Pressure is mounting on the European Commission to postpone the implementation of securities market reforms under MiFID II by a year, as banks and brokers struggle to adapt their IT systems to meet the 2017 timetable.
Earlier calls by industry bodies such as the Investment Association to postpone the mammoth overhaul by a year now appear to be receiving a sympathetic response from rule makers, more so given the delayed introduction of technical standards by the European Securities and Market Authority in September.
Speaking to the European Parliament's economic affairs committee, Esma chairman Steven Maijoor described the January 2017 timetable as "unfeasible", given the scope of the changes needed in market participant's IT shops. Particular areas of concern were around the building of transaction and position reporting systems, for which the final technical rules have yet to be published.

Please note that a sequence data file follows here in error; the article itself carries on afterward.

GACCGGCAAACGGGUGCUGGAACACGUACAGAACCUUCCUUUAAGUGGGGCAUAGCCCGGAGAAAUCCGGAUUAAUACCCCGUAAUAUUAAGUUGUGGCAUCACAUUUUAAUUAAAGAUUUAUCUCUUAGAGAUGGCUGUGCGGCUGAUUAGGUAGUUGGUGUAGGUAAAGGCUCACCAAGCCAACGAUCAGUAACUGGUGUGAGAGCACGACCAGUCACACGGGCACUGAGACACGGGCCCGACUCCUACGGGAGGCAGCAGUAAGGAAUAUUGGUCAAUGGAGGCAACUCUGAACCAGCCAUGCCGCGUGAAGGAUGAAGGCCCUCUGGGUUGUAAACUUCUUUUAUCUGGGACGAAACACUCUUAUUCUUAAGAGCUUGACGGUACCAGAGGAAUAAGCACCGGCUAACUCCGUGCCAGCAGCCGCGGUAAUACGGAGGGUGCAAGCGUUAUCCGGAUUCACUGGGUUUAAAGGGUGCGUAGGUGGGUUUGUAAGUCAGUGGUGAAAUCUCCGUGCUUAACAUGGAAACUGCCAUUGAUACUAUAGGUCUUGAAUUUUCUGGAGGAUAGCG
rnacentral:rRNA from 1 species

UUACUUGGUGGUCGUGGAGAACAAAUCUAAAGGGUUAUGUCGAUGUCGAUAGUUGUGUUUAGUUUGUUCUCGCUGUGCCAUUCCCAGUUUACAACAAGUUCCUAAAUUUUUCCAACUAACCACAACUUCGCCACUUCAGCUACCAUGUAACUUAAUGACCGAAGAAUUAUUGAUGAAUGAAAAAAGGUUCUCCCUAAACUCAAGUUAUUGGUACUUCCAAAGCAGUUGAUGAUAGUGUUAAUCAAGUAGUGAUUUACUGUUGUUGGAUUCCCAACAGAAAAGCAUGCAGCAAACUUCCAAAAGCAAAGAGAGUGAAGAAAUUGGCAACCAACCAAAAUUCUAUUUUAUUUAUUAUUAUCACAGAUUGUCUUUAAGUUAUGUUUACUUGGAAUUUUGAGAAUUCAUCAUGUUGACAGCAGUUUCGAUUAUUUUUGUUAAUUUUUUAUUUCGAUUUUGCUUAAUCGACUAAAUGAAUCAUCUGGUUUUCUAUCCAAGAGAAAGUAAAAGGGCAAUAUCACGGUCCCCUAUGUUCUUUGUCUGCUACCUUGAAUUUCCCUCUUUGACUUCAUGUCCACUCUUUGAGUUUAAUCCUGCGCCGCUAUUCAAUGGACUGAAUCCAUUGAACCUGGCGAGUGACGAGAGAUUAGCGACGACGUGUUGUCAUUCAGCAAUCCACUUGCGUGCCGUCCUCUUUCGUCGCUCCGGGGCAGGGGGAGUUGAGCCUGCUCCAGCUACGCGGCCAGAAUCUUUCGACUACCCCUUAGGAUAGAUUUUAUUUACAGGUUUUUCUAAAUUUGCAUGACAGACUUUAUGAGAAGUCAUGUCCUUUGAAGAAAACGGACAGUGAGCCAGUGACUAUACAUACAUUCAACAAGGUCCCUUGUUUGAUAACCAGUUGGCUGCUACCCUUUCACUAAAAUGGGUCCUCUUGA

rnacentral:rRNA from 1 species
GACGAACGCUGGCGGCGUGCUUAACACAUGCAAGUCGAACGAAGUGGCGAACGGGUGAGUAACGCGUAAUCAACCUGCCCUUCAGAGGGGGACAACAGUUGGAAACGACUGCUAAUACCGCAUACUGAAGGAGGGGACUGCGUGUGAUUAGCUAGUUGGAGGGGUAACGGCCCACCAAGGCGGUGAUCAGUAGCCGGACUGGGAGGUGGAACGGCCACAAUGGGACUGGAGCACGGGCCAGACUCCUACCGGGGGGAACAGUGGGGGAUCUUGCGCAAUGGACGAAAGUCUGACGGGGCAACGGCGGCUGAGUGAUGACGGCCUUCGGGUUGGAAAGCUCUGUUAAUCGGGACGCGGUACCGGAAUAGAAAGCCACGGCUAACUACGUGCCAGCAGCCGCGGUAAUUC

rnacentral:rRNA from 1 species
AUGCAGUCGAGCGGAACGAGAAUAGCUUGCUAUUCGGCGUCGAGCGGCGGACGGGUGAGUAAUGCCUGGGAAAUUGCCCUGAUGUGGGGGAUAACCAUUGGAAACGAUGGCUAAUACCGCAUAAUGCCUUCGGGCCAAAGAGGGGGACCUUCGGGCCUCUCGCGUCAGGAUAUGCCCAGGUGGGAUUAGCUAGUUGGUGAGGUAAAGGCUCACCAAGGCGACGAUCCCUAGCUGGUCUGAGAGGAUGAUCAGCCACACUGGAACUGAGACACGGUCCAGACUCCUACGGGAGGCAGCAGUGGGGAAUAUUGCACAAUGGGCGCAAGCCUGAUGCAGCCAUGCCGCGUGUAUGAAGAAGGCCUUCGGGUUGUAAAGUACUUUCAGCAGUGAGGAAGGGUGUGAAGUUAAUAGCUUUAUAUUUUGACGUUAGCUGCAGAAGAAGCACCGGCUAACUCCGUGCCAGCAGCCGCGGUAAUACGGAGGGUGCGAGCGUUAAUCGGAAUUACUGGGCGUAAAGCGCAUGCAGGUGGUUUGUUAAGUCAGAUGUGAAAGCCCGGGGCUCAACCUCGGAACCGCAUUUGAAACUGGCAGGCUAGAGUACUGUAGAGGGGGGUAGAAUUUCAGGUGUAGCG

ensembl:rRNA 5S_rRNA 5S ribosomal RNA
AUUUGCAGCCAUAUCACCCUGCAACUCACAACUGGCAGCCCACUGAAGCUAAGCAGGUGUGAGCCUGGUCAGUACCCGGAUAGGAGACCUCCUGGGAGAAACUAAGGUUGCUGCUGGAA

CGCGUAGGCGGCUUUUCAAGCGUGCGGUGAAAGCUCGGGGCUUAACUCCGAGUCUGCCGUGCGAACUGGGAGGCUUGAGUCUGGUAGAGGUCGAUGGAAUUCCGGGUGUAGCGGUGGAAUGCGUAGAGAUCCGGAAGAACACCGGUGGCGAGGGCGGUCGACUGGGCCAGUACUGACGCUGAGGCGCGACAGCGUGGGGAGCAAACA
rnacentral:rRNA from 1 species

Michael McKee, Partner at DLA Piper, the global law firm, welcomed the comments: "Delaying the implementation date for MiFID II would be a welcome recognition of the fact that it will not be practicable for much of the technology and reporting to be put in place by 3 January 2017, particularly given that neither the RTSs, nor the implementing measures at EU level are yet finalised."
Maijoor's words have also been echoed by Commission FS director Martin Merlin, who told the committee that an extension of the deadline was advisable to ensure a smooth implementation.
The Level 1 MiFID II legislation doesn’t provide for any delay to implementation - leaving EU lawmakers with a difficult choice over whether to introduce the reforms in a piecemeal fashion, or to move the whole process back by another year.
Merlin's advice to the Commission: "The simplest and most legally sound approach would be to delay the whole package by one year."